New questions have been raised about the Times’ decision late in the campaign to sit on the story that Russian officials may have compromising information on Trump. The Times public editor Liz Spayd suggests that the reason they didn’t run with the “explosive allegations” was that journalists didn’t think Trump was going to win the election, and the paper didn’t want to risk sparking a controversy by reporting on the dossier.
“What are Hillary Clinton’s people complaining about with respect to the F.B.I. Based on the information they had, she should never have been allowed to run – guilty as hell,” Trump wrote on Twitter on Friday.
The Justice Department’s Office of Inspector General said its probe would focus in part on decisions leading up to public communications by FBI Director James Comey regarding the Clinton investigation, and whether underlying investigative decisions may have been based on “improper considerations.”
Sessions was responding to questions at a sometimes rowdy Senate confirmation hearing, the first in a series of hearings this week for Republican President-elect Donald Trump’s Cabinet nominees. “End racism Stop Sessions” and “End hate Stop Sessions” read some of the signs carried by protesters.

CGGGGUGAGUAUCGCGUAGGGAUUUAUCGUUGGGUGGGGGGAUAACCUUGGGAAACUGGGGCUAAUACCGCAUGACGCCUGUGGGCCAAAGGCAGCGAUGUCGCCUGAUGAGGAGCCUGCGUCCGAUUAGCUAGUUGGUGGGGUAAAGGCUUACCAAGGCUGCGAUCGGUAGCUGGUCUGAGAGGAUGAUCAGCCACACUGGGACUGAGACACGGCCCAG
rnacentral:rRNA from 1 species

Even after 16 months on the campaign trail, political journalists never figured out how to accurately depict the unprecedented nature of Trump’s candidacy. Now they must find a way to reckon with and report on a president who has no regard for the freedom of the press or the norms of his office.
With the election over and Republicans occupying all branches of government, as well as controlling most state legislatures, it’s easy to forget that just a few short months ago the Republican Party seemed to be collapsing under the weight of its own contradictions.
Barred by the U.S. Constitution from seeking a third four-year-term, Obama told former adviser David Axelrod in a podcast that Americans would have backed his vision.
“I’m confident that if I had run again and articulated it, I think I could’ve mobilized a majority of the American people to rally behind it,” Obama said, referring to his 2008 campaign message of hope and change.
Here’s the thing making Republicans joyful and triumphant, and Democrats dark on the winter solstice: Obama left his legacy undefended on the field. There’s nothing to stop President-elect Donald J. Trump from knocking it down like a house of cards — with pleasure.
A U.S. judge ordered the unsealing of the application used to obtain a search warrant that allowed the FBI to gain access to emails related to Democratic presidential nominee Hillary Clinton’s private server before the Nov. 8 election.
In a letter filed in Manhattan federal court, Abedin said she was never provided a copy of the warrant, nor was her estranged husband, Anthony Weiner, whose computer contained the emails in question.
U.S. District Judge Kevin Castel made the order as he considered whether any portion of the search warrant materials could be made public in response to a recent lawsuit.